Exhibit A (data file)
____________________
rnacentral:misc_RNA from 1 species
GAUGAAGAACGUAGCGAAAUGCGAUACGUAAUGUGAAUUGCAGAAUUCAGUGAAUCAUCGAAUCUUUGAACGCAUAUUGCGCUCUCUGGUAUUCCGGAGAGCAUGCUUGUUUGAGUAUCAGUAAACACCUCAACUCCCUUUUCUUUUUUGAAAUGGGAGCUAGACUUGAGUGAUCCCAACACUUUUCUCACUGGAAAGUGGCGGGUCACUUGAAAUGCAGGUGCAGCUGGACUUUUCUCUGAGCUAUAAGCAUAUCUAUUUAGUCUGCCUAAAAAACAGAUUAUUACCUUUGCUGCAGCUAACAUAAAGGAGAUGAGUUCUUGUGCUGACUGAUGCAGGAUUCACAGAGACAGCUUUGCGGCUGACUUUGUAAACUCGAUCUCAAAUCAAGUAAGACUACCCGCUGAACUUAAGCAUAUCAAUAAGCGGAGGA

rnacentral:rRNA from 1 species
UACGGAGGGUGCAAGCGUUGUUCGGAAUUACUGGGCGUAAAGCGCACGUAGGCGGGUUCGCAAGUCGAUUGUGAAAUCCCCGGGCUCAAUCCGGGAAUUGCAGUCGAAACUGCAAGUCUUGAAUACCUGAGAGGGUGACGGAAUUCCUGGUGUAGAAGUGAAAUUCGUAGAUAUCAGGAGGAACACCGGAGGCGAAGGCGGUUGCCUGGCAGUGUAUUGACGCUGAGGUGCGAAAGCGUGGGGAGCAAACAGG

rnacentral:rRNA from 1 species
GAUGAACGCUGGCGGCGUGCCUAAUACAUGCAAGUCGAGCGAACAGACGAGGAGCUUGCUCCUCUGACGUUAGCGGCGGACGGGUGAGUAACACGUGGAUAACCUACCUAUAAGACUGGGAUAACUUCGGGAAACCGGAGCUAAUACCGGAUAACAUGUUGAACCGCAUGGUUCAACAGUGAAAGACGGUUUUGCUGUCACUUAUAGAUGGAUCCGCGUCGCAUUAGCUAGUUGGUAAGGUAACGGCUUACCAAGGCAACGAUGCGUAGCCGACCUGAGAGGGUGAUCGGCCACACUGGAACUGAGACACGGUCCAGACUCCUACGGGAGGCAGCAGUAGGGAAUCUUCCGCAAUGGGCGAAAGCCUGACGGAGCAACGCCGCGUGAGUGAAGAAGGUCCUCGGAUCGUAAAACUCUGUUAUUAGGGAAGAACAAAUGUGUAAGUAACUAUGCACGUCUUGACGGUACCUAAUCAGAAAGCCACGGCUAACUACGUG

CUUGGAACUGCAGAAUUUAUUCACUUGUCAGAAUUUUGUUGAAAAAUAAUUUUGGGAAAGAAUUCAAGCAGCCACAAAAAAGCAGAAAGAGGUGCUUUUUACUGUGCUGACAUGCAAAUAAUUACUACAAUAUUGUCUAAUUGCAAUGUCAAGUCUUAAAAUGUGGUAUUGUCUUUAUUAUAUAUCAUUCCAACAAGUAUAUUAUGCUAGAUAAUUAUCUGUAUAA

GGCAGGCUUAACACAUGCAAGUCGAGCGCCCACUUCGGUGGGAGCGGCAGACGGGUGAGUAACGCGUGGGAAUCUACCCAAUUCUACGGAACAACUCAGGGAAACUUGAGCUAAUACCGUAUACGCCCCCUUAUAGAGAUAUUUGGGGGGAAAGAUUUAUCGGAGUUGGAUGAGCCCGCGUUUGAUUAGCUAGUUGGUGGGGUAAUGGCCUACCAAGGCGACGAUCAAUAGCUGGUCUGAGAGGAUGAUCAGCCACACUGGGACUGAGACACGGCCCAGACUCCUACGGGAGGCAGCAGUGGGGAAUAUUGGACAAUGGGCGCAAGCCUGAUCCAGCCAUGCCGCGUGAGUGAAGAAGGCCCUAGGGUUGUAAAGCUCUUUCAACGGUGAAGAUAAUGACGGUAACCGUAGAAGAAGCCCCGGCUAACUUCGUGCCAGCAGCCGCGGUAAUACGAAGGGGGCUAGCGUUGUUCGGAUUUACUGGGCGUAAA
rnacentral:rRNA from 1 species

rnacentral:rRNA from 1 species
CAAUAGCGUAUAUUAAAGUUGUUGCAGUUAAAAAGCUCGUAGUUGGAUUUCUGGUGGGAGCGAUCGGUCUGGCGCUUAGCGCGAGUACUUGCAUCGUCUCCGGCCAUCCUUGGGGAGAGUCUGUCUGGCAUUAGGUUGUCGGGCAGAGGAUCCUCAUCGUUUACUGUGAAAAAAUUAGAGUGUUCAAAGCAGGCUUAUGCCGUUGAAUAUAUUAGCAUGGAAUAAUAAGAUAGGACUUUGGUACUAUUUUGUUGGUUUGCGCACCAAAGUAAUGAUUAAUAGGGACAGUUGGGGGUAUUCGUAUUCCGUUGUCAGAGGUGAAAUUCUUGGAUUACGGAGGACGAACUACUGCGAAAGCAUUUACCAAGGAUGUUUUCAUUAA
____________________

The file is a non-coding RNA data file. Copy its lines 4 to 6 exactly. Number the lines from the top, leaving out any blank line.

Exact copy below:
UACGGAGGGUGCAAGCGUUGUUCGGAAUUACUGGGCGUAAAGCGCACGUAGGCGGGUUCGCAAGUCGAUUGUGAAAUCCCCGGGCUCAAUCCGGGAAUUGCAGUCGAAACUGCAAGUCUUGAAUACCUGAGAGGGUGACGGAAUUCCUGGUGUAGAAGUGAAAUUCGUAGAUAUCAGGAGGAACACCGGAGGCGAAGGCGGUUGCCUGGCAGUGUAUUGACGCUGAGGUGCGAAAGCGUGGGGAGCAAACAGG

rnacentral:rRNA from 1 species
GAUGAACGCUGGCGGCGUGCCUAAUACAUGCAAGUCGAGCGAACAGACGAGGAGCUUGCUCCUCUGACGUUAGCGGCGGACGGGUGAGUAACACGUGGAUAACCUACCUAUAAGACUGGGAUAACUUCGGGAAACCGGAGCUAAUACCGGAUAACAUGUUGAACCGCAUGGUUCAACAGUGAAAGACGGUUUUGCUGUCACUUAUAGAUGGAUCCGCGUCGCAUUAGCUAGUUGGUAAGGUAACGGCUUACCAAGGCAACGAUGCGUAGCCGACCUGAGAGGGUGAUCGGCCACACUGGAACUGAGACACGGUCCAGACUCCUACGGGAGGCAGCAGUAGGGAAUCUUCCGCAAUGGGCGAAAGCCUGACGGAGCAACGCCGCGUGAGUGAAGAAGGUCCUCGGAUCGUAAAACUCUGUUAUUAGGGAAGAACAAAUGUGUAAGUAACUAUGCACGUCUUGACGGUACCUAAUCAGAAAGCCACGGCUAACUACGUG